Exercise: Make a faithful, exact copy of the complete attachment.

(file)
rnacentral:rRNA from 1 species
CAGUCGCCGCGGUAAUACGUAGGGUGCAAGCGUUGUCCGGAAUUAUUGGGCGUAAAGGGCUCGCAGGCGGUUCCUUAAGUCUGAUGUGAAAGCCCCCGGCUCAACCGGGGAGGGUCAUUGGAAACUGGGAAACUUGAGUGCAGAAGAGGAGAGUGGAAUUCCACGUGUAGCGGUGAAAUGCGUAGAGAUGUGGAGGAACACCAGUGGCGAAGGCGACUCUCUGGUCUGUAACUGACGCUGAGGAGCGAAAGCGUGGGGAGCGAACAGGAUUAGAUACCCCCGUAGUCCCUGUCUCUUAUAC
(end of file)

rnacentral:rRNA from 1 species
CAGUCGCCGCGGUAAUACGUAGGGUGCAAGCGUUGUCCGGAAUUAUUGGGCGUAAAGGGCUCGCAGGCGGUUCCUUAAGUCUGAUGUGAAAGCCCCCGGCUCAACCGGGGAGGGUCAUUGGAAACUGGGAAACUUGAGUGCAGAAGAGGAGAGUGGAAUUCCACGUGUAGCGGUGAAAUGCGUAGAGAUGUGGAGGAACACCAGUGGCGAAGGCGACUCUCUGGUCUGUAACUGACGCUGAGGAGCGAAAGCGUGGGGAGCGAACAGGAUUAGAUACCCCCGUAGUCCCUGUCUCUUAUAC